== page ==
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Nursing Research Guide

Guidance for Nurses and Allied Health Researchers

What is a primary source?

In healthcare literature, a  primary source is a document or record (usually a peer reviewed journal article) which reports a study, experiment, event or other phenomenon firsthand. Primary sources detail original research and are usually written by the person(s) who did the research or conducted the study. 

Primary Sources include:

  • pilot/prospective studies
  • cohort studies
  • survey research
  • case studies, case series
  • qualitative studies
  • clinical trials and  randomized clinical trials/RCTs
  1. Read the Method section of an article to determine what kind of research was conducted. If you cannot find a section that details the method- you are probably not looking at a primary source.
  2. Protocol articles talk about studies that have not yet occurred. They are not reporting evidence, they are describing a plan to generate evidence. Note if the method section is past tense or future tense.
  3. Pre-prints of peer-reviewed articles may be available but they have not undergone the peer-review process, etc. They are not generally acceptable sources for assignments.

Searching for Primary Sources (original research, unfiltered sources)

Randomized Controlled Trials, Case Studies, Cohort Studies, Clinical Studies, etc.

Check for filters to limit your search by study type. Look for clues in title or abstract. Read the "Method" section; if the author's methods only involve search for literature and analyzing publications that detail the clinical work of others, it is not a primary source.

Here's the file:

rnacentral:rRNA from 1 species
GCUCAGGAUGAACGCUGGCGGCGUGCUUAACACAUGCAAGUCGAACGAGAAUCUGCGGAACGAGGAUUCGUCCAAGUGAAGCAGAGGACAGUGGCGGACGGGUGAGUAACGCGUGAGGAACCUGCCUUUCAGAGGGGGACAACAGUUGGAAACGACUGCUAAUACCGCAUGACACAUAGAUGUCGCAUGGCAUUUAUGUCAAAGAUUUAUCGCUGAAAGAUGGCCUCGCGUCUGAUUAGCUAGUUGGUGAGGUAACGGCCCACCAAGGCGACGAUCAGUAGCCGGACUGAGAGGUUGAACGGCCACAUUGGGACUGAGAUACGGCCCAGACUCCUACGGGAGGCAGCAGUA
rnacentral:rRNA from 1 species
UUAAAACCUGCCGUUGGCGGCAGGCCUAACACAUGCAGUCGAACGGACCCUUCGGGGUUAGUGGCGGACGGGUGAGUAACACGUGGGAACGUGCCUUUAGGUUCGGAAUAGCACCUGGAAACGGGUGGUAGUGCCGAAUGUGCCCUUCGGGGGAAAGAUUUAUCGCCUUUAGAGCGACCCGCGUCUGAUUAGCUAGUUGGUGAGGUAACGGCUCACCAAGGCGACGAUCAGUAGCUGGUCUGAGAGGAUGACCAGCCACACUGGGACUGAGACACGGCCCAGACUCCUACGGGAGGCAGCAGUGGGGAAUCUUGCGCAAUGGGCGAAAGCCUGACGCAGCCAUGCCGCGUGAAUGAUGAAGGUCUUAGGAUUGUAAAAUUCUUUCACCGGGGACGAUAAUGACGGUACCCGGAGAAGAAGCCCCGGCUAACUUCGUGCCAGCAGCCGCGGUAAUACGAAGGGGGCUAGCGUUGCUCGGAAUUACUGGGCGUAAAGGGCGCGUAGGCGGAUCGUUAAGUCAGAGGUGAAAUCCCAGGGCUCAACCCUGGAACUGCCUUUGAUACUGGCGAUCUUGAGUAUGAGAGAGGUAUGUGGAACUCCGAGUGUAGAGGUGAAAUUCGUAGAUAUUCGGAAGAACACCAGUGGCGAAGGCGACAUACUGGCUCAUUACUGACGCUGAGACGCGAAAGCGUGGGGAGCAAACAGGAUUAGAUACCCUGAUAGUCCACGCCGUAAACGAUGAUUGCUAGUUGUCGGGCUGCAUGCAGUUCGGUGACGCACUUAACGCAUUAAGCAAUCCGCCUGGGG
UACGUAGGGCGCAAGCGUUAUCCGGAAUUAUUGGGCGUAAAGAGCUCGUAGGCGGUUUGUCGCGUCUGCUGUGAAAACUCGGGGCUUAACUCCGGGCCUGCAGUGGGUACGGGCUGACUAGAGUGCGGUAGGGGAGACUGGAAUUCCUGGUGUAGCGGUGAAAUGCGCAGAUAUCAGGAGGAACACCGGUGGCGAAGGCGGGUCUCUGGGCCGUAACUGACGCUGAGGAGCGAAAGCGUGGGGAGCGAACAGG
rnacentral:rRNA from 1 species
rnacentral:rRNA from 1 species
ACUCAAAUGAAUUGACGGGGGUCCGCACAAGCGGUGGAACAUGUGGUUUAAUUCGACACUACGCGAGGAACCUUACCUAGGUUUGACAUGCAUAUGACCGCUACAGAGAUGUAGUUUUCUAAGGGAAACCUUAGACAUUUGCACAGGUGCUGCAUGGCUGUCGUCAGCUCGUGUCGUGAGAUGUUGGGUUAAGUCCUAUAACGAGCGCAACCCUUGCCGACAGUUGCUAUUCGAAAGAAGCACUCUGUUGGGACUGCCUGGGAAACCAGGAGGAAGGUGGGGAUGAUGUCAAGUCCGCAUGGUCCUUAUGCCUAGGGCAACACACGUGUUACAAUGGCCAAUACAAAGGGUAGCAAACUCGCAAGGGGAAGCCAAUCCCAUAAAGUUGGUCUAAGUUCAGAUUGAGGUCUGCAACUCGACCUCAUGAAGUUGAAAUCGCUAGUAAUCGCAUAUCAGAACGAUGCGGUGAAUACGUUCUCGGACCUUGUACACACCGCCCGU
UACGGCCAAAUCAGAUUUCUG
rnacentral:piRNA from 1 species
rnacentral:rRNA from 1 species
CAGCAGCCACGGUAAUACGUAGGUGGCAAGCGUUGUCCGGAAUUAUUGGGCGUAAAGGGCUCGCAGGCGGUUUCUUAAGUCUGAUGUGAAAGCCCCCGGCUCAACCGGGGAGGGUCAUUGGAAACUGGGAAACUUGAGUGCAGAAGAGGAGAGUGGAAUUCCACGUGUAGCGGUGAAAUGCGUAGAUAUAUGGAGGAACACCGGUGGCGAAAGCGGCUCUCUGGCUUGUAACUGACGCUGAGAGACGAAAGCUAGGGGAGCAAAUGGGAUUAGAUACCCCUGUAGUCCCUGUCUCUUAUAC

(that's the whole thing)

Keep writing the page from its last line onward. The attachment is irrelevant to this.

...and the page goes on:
What is a secondary source?

Secondary sources evaluate or synthesize multiple primary studies so as to draw conclusions on or present our current state of knowledge in a discipline or subject. These are typically peer-reviewed before being published. Secondary sources often include a bibliography which may direct you back to the primary research reported in the article.

Topic Reviews, literature reviews, and narrative reviews are overviews of a topic (these can make great background sources).

Systematic Reviews and Meta-analyses are the most comprehensive investigations into the healthcare literature, which is why they are at the top of the evidence pyramid. 


 key characteristics of a systematic review are:

  • a clearly stated set of objectives with pre-defined eligibility criteria for studies;
  • an explicit, reproducible methodology;
  • a systematic search that attempts to identify all studies that would meet the eligibility criteria;
  • an assessment of the validity of the findings of the included studies, for example through the assessment of risk of bias; and
  • a systematic presentation, and synthesis, of the characteristics and findings of the included studies.

Meta-analysis is the use of statistical methods to summarise the results of independent studies. By combining information from all relevant studies, meta-analyses can provide more precise estimates of the effects of health care than those derived from the individual studies included within a review. Meta-analyses also facilitate investigations of the consistency of evidence across studies, and the exploration of differences across studies.

Cochrane Handbook 1.2.2

Searching for Secondary Sources, Filtered Sources

Systematic Reviews and Meta-analyses- the top of the EBP pyramid.

Use filters to limit your search by study type. Look for clues in the title or abstract. Read the "Method" section; if the authors conducted any clinical work it is not a systematic review or meta-analyisis.